Binet

In: Philosophy and Psychology

Submitted By jagodanowak8
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The Binet-Simon intelligence scale, which was finally created in 1905, contained problems in an order of increasing difficulty. These items included vocabulary, memory, common knowledge and other cognitive abilities. Binet tests were accepted widely around the world with the exception of France, which basically rejected the test. In In 1908 Binet and Simon revised the test and for each test item, Binet decided whether an average child would be able to get the question right. Thus he was able to differentiate between the chronological age and the mental age of a child. A child's mental age was determined by estimating a child's intelligence through comparison with the scores of average children of the same age. 1911 Binet and Simon were able to release there last publication of the test, which still wan't accepted in France. Binet continued to work on the revision of his intelligence test until his death in Paris on October 18, 1911. After Binet's death, Lewis Terman and his colleagues advanced on Binet's research and used the intelligence quotient as a method of computing someone's final score of the Binet-Simon test.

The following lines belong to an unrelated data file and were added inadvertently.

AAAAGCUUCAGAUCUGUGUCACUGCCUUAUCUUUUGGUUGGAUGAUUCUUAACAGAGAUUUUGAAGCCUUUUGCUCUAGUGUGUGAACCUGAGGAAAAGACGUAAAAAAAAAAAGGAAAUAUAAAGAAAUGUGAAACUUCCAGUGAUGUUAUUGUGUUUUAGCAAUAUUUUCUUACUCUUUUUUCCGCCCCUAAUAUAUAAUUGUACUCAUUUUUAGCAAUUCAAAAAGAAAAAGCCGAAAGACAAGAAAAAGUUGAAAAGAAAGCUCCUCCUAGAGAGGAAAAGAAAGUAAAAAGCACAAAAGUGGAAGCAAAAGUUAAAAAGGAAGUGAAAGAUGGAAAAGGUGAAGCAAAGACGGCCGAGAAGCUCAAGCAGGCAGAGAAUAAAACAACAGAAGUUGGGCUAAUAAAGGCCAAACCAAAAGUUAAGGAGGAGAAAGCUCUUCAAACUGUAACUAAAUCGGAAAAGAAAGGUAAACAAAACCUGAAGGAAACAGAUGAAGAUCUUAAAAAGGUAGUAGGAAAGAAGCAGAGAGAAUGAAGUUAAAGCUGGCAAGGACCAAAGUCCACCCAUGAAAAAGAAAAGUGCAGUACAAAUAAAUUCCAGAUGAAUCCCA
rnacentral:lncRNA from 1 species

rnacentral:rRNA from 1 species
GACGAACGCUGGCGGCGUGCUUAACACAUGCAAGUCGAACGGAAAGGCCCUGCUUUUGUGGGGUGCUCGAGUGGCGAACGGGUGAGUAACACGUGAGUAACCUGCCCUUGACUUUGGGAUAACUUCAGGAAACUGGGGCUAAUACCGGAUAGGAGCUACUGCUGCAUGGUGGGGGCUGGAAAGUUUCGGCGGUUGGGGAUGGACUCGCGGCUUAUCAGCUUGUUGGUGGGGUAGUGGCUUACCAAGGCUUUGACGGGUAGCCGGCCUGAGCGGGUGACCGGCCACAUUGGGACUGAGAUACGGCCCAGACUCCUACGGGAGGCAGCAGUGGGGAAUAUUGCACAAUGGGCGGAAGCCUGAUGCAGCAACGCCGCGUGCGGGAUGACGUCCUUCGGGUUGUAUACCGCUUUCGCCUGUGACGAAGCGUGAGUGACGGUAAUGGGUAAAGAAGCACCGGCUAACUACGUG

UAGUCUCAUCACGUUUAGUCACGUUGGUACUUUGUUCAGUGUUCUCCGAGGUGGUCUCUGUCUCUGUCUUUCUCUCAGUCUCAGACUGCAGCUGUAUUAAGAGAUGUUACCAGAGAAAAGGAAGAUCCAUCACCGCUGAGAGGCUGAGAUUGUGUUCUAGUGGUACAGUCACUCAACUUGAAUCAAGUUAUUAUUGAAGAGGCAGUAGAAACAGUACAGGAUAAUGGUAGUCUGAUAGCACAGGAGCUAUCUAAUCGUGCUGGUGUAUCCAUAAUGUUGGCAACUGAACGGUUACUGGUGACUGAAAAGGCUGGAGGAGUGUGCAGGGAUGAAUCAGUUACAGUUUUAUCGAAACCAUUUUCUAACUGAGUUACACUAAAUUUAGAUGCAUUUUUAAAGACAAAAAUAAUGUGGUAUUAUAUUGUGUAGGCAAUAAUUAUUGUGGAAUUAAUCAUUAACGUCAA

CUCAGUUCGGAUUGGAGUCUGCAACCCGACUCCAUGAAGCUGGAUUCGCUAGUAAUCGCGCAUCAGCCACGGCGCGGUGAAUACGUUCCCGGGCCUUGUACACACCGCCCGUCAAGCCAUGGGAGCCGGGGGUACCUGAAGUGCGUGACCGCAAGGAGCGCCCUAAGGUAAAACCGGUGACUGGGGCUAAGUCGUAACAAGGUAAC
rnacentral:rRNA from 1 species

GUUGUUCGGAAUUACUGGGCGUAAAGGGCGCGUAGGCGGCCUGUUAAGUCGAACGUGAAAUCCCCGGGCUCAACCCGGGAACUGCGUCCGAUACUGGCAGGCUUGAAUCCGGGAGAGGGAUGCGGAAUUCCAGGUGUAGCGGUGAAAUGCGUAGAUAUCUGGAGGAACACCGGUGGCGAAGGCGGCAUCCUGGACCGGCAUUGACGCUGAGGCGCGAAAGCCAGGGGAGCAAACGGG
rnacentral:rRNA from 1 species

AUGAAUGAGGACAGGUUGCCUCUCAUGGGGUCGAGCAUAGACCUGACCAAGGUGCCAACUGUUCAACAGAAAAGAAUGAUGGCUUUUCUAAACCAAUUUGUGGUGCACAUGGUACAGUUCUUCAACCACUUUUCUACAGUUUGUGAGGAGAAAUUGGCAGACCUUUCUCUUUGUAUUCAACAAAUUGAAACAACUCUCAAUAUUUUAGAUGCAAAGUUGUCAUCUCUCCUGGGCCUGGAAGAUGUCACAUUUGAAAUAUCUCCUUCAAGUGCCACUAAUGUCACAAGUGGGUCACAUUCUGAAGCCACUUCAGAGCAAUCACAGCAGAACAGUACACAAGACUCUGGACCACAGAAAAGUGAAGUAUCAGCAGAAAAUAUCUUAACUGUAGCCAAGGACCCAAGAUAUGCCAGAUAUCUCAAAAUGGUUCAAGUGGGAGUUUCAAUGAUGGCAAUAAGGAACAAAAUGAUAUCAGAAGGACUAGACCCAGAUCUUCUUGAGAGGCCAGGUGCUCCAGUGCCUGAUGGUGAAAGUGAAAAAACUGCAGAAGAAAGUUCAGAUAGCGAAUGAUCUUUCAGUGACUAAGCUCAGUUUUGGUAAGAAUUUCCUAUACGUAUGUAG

As you can see if it wasn't for Alfred Binet we wouldn't have Intelligence quotients (IQ) tests the way they are today. While they aren't exactly perfect, because there is still biasness, it is still a basic framework of human cognitive ability. Possibly Binet's most important accomplishment was getting other psychologists interested in the normal human mind and what it's capable of. Other psychologists during that time-period were far more interested in the mind of the mentally handicapped and brain sizes.
Although Binet's tests were very groundbreaking, I am still not convinced that intelligence is something that can be measured by a single test. I am in support of the theory that to measure someone's intelligence they should be monitored during…...

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